An amazing tool that helps settle this chat and make me feel more grounded during change (and life in general) is to meditate daily. Switching the mind off for even a few minutes and realising that when you're not trying so hard, things start to flow more easily was a big step for me.

    Thanks again for a great post.

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  4. Thanks Kerry, I am loving reading about what you are doing over there. Sounds fantastic, well done and congratulations for following your heart and dream. xx

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  5. Oh Nadine, I love the idea of the old lady yoga with tea in hand. Or was it to hand. Either way, I'm off to do some of that in a sec.
    It's soo hard when you're right in the middle of change as you are Lynn and things won't flow. I think you're right, accepting a situation for what it is can help. Sending you *wishes for flow*.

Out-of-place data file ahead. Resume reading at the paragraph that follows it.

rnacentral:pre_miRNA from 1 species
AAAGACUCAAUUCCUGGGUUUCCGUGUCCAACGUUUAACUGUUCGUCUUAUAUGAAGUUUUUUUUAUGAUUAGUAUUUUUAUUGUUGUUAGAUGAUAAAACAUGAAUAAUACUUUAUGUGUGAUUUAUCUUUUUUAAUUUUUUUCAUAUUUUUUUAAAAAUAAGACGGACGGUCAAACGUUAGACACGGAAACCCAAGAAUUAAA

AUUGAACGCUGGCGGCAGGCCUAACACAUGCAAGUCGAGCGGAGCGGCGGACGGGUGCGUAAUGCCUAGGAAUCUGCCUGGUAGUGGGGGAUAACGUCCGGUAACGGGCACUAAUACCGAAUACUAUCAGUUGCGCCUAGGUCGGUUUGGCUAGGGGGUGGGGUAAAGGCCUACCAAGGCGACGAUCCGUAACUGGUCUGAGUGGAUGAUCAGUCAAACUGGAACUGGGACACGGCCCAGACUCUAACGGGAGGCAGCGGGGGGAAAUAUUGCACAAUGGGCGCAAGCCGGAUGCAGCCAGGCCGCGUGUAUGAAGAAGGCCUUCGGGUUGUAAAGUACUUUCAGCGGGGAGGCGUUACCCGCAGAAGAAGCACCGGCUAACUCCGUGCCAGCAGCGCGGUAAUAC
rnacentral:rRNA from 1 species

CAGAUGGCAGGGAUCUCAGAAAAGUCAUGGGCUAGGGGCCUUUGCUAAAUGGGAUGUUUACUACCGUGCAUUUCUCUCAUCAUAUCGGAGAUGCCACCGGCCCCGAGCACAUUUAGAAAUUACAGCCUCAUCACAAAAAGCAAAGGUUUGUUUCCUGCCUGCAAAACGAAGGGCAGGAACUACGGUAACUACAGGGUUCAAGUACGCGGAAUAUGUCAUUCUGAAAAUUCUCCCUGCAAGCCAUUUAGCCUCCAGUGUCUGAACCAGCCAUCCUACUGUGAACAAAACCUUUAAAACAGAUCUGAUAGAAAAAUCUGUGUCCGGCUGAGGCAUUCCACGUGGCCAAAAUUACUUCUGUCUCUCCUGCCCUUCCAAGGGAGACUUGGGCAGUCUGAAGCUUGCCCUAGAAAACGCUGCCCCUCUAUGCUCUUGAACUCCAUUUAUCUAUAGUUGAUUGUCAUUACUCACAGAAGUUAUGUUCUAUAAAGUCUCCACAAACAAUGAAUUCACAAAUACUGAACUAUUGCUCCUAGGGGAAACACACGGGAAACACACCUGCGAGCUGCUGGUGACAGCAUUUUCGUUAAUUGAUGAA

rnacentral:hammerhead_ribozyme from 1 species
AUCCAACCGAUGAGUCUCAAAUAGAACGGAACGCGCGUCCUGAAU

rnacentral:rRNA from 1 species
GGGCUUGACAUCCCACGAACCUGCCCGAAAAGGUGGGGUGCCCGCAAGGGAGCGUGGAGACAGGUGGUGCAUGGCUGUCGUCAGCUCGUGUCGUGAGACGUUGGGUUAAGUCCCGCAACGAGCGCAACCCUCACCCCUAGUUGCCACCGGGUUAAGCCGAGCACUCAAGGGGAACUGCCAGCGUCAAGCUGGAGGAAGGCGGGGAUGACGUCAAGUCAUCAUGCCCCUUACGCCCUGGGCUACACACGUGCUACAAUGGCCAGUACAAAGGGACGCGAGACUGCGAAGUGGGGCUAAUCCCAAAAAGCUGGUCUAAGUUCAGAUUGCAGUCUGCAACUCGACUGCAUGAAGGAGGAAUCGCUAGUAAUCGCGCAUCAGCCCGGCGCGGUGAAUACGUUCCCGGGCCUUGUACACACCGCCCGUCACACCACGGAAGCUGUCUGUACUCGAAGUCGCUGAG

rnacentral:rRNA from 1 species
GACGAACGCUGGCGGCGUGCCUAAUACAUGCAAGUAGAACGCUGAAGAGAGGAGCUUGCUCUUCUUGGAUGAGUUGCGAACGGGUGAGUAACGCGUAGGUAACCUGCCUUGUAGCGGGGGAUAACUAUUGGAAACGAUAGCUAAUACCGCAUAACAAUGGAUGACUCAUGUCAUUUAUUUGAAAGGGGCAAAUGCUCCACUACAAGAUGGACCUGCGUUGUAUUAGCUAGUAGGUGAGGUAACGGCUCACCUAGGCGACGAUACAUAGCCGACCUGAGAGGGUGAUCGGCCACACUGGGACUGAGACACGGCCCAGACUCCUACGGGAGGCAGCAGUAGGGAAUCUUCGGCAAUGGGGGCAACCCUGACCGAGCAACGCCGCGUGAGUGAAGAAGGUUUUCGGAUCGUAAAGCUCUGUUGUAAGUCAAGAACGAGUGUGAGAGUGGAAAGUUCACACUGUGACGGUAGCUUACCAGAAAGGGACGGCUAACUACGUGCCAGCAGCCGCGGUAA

I definitely agree that meditation helps. I always feel better afterwards! I also agree that trying to think things through can be completely exhausting. I've done LOADS of that in the past and sometimes still do.
    And hi Dale! Thanks for your lovely comment. Your new blog is looking fab :)

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  6. Here via Green Inkie Phil. Enjoyed your post...those 14 years sound familiar!
    x

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  7. Ooh hello Rachel, I've added you to my reader, can't wait to read more on your lovely blog. xx